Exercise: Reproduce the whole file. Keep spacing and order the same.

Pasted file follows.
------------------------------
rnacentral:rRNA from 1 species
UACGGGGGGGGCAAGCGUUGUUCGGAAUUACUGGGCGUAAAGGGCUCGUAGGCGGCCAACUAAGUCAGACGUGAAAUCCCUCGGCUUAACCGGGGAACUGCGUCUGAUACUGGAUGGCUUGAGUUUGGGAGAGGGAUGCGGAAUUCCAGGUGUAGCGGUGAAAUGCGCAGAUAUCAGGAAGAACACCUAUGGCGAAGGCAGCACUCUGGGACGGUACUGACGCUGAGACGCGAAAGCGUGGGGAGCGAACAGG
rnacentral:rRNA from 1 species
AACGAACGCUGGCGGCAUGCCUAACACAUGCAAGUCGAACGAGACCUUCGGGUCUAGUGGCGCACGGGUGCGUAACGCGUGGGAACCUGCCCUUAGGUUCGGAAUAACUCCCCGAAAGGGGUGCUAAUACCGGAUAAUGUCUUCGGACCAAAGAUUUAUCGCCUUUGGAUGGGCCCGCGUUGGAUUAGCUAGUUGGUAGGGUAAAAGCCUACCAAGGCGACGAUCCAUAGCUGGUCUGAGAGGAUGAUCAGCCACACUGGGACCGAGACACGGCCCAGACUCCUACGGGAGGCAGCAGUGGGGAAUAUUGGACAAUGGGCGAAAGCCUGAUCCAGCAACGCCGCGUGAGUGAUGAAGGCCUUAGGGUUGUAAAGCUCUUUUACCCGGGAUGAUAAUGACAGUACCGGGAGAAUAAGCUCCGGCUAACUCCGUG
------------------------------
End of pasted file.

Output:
rnacentral:rRNA from 1 species
UACGGGGGGGGCAAGCGUUGUUCGGAAUUACUGGGCGUAAAGGGCUCGUAGGCGGCCAACUAAGUCAGACGUGAAAUCCCUCGGCUUAACCGGGGAACUGCGUCUGAUACUGGAUGGCUUGAGUUUGGGAGAGGGAUGCGGAAUUCCAGGUGUAGCGGUGAAAUGCGCAGAUAUCAGGAAGAACACCUAUGGCGAAGGCAGCACUCUGGGACGGUACUGACGCUGAGACGCGAAAGCGUGGGGAGCGAACAGG
rnacentral:rRNA from 1 species
AACGAACGCUGGCGGCAUGCCUAACACAUGCAAGUCGAACGAGACCUUCGGGUCUAGUGGCGCACGGGUGCGUAACGCGUGGGAACCUGCCCUUAGGUUCGGAAUAACUCCCCGAAAGGGGUGCUAAUACCGGAUAAUGUCUUCGGACCAAAGAUUUAUCGCCUUUGGAUGGGCCCGCGUUGGAUUAGCUAGUUGGUAGGGUAAAAGCCUACCAAGGCGACGAUCCAUAGCUGGUCUGAGAGGAUGAUCAGCCACACUGGGACCGAGACACGGCCCAGACUCCUACGGGAGGCAGCAGUGGGGAAUAUUGGACAAUGGGCGAAAGCCUGAUCCAGCAACGCCGCGUGAGUGAUGAAGGCCUUAGGGUUGUAAAGCUCUUUUACCCGGGAUGAUAAUGACAGUACCGGGAGAAUAAGCUCCGGCUAACUCCGUG